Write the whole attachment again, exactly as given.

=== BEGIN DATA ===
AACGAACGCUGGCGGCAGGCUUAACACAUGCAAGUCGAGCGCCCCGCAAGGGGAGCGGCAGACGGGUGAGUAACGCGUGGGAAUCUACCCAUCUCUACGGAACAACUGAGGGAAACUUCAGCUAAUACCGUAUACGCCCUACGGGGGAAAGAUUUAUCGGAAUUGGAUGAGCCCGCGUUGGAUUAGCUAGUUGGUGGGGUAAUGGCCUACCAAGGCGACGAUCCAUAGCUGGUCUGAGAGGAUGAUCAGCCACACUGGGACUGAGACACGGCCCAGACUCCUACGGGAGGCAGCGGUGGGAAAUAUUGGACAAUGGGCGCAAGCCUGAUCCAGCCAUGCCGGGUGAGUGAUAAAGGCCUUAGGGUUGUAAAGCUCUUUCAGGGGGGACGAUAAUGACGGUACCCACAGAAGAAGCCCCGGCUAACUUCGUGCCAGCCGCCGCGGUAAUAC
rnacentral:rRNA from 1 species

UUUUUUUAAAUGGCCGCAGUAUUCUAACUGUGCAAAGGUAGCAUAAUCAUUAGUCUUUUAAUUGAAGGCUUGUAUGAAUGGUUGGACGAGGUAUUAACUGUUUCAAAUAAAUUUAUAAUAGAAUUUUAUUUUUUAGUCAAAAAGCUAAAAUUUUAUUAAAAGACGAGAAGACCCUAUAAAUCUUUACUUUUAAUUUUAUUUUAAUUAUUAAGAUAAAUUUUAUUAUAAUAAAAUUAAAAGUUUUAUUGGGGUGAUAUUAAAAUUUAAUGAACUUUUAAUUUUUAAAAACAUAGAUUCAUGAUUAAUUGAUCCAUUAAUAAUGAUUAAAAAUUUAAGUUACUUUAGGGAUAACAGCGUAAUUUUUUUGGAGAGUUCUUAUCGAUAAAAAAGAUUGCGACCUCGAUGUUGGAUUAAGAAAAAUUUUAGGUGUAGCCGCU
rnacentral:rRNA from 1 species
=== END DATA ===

AACGAACGCUGGCGGCAGGCUUAACACAUGCAAGUCGAGCGCCCCGCAAGGGGAGCGGCAGACGGGUGAGUAACGCGUGGGAAUCUACCCAUCUCUACGGAACAACUGAGGGAAACUUCAGCUAAUACCGUAUACGCCCUACGGGGGAAAGAUUUAUCGGAAUUGGAUGAGCCCGCGUUGGAUUAGCUAGUUGGUGGGGUAAUGGCCUACCAAGGCGACGAUCCAUAGCUGGUCUGAGAGGAUGAUCAGCCACACUGGGACUGAGACACGGCCCAGACUCCUACGGGAGGCAGCGGUGGGAAAUAUUGGACAAUGGGCGCAAGCCUGAUCCAGCCAUGCCGGGUGAGUGAUAAAGGCCUUAGGGUUGUAAAGCUCUUUCAGGGGGGACGAUAAUGACGGUACCCACAGAAGAAGCCCCGGCUAACUUCGUGCCAGCCGCCGCGGUAAUAC
rnacentral:rRNA from 1 species

UUUUUUUAAAUGGCCGCAGUAUUCUAACUGUGCAAAGGUAGCAUAAUCAUUAGUCUUUUAAUUGAAGGCUUGUAUGAAUGGUUGGACGAGGUAUUAACUGUUUCAAAUAAAUUUAUAAUAGAAUUUUAUUUUUUAGUCAAAAAGCUAAAAUUUUAUUAAAAGACGAGAAGACCCUAUAAAUCUUUACUUUUAAUUUUAUUUUAAUUAUUAAGAUAAAUUUUAUUAUAAUAAAAUUAAAAGUUUUAUUGGGGUGAUAUUAAAAUUUAAUGAACUUUUAAUUUUUAAAAACAUAGAUUCAUGAUUAAUUGAUCCAUUAAUAAUGAUUAAAAAUUUAAGUUACUUUAGGGAUAACAGCGUAAUUUUUUUGGAGAGUUCUUAUCGAUAAAAAAGAUUGCGACCUCGAUGUUGGAUUAAGAAAAAUUUUAGGUGUAGCCGCU
rnacentral:rRNA from 1 species